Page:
Bose QuietComfort 20 Acoustic Noise Cancelling Headphones – Noise cancelling technology is essential for long flights. Airplane noise, loud talkers, and the wail of crying babies will disappear with this device while your sanity is restored. But unlike bulky headphones, these earbuds fit into a nifty little carrying case just slightly larger than a deck of cards.

ExOfficio Men’s Give-N-Go Boxers –  Why is this man sharing his underwear with us? Look, I pack just 2 or 3 pairs of these boxers on a trip of any length and they’re all I need. I can wash them in the sink and they dry in 2 or 3 hours. They’re also extremely light and comfortable to wear while sitting for hours on a plane or hiking in the hot desert.

The North Face Paramount Convertible Pants – These lightweight, fast-drying pants can easily be washed in the hotel room’s sink if necessary and the legs unzip to produce instant shorts. The belt and clasping mechanism are built into the pants and they’re made of cloth and plastic so no issues during airport security. Take three pairs, roll them up tightly, and fit them into a corner of your suitcase. Neat and efficient.

Buff Original Headwear 12-in-1 Headband – I never go on any photography trip without at least one of my Buffs! This featherweight (less than 3 ounces) microfiber headband can be used as cover for sun protection, around the neck and collar like a scarf to keep warm in cold weather, and as a drying towel in a pinch. Buff claims there are 12 different uses for one and I guess it just depends how creative you want to be to find all 12.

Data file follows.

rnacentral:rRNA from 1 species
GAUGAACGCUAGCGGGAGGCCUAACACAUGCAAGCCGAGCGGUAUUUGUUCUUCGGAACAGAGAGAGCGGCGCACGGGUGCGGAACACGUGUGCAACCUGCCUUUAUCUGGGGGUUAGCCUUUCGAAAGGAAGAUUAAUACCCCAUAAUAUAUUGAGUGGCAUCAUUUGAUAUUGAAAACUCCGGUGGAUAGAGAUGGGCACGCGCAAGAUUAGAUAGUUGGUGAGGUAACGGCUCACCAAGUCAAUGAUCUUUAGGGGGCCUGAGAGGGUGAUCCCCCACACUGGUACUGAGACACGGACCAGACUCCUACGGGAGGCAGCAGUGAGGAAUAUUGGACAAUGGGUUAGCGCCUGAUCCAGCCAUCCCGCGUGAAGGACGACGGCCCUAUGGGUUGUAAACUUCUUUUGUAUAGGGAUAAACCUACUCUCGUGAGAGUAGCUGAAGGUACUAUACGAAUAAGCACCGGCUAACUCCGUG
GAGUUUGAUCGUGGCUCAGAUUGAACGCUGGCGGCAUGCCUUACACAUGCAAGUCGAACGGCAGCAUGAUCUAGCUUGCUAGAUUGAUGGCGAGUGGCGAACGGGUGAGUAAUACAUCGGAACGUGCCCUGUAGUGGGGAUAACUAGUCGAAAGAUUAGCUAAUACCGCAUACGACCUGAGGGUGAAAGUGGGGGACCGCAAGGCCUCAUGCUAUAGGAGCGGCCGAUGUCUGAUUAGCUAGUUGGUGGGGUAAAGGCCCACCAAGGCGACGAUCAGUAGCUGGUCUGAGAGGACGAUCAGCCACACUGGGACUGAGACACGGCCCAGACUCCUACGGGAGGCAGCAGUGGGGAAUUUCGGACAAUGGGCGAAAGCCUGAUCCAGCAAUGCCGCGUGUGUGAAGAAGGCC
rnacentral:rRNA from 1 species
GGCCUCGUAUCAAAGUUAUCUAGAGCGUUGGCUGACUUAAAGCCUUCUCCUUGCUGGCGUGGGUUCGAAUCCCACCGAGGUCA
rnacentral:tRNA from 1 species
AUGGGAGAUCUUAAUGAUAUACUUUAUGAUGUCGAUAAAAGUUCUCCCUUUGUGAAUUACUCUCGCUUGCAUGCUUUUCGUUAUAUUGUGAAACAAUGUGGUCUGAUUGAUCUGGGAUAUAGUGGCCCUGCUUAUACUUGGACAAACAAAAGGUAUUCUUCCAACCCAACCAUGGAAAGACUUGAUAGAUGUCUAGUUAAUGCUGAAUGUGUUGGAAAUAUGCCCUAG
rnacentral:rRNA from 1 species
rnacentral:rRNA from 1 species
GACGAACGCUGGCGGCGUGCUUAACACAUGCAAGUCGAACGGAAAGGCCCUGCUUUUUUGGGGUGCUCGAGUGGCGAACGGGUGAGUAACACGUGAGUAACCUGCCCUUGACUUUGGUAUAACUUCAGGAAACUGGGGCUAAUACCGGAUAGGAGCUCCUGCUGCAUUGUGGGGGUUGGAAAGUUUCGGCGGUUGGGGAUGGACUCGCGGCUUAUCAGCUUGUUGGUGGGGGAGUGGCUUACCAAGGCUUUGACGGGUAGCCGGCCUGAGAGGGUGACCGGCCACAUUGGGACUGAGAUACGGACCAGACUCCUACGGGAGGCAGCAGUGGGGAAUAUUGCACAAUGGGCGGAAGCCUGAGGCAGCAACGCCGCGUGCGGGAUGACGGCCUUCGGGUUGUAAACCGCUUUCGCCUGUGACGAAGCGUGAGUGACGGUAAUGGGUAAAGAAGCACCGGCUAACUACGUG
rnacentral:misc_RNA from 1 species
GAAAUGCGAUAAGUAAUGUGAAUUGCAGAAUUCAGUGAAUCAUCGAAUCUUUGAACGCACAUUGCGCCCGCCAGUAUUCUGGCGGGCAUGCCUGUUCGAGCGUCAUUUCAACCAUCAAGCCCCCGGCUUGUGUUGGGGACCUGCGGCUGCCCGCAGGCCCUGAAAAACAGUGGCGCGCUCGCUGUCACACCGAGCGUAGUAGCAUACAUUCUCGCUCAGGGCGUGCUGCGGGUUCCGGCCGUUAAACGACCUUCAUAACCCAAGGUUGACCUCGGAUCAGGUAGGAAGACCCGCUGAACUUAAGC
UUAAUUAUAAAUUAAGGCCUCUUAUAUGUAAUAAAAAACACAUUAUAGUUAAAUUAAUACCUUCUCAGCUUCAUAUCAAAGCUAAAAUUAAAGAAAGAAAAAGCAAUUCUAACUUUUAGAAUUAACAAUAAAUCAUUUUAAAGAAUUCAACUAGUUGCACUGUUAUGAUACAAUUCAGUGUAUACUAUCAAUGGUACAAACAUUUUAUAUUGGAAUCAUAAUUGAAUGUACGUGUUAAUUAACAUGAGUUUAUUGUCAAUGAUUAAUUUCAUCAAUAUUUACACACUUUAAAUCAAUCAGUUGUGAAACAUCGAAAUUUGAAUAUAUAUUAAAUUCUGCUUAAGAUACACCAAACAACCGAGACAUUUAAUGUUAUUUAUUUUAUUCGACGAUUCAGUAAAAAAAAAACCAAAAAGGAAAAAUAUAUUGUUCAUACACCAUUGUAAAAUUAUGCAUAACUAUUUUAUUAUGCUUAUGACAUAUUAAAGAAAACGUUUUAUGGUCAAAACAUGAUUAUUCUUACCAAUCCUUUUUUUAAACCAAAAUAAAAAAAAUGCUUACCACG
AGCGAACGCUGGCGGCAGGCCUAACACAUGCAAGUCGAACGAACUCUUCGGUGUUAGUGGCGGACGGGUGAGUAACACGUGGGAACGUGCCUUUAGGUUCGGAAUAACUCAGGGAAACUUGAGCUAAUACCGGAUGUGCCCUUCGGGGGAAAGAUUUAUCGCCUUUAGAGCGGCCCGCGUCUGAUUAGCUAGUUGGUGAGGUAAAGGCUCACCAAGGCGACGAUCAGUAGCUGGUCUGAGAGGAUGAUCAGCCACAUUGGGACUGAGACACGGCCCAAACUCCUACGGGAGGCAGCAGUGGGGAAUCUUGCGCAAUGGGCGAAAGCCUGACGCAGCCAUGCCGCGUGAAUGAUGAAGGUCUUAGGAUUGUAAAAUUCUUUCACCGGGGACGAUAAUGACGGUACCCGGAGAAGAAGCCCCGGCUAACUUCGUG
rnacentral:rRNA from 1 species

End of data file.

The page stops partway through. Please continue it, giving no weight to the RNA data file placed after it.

For more great information on new images, gear reviews, book projects, and photography workshops and tours, Sign Up For Our Newsletter.

BenQ SW2700PT Photography Monitor Review

I have to be honest. When BenQ reached out to me to use and comment on their new BenQ SW2700PT photography monitor, I had never even heard of BenQ. I was quite happy with my 24-inch Eizo display, which had been serving me well for the past two years. I had no reason to test the market for something else and change what was already successful for my image processing. For the professional photographer, the computer display is the critical link between the image, the artist, and his or her interpretation of what that image represents.

Then I did a quick online search on the BenQ SW2700PT and (wrongly) dismissed it out of hand. The retail price was half of what my Eizo monitor cost. How could it even compare? I agreed to accept shipment of the display and used it side-by-side with my Eizo for two months. Here are my thoughts.

BenQ SW2700PT Specifications List

  • Product Color: Black
  • LCD Size: 27″
  • Aspect Ratio: 16:9
  • Resolution: 2560×1440
  • Brightness: 350 cd/m2
  • Native Contrast: 1000:1
  • DCR (Dynamic Contrast Ratio): 20m:1
  • Display Colors: 1.07 Billion
  • Color Gamut:  AdobeRGB 99%
  • Input/Output Connectors:  DVI-DL+ HDMI 1.4 + DP1.2 + Headphone Jack ‎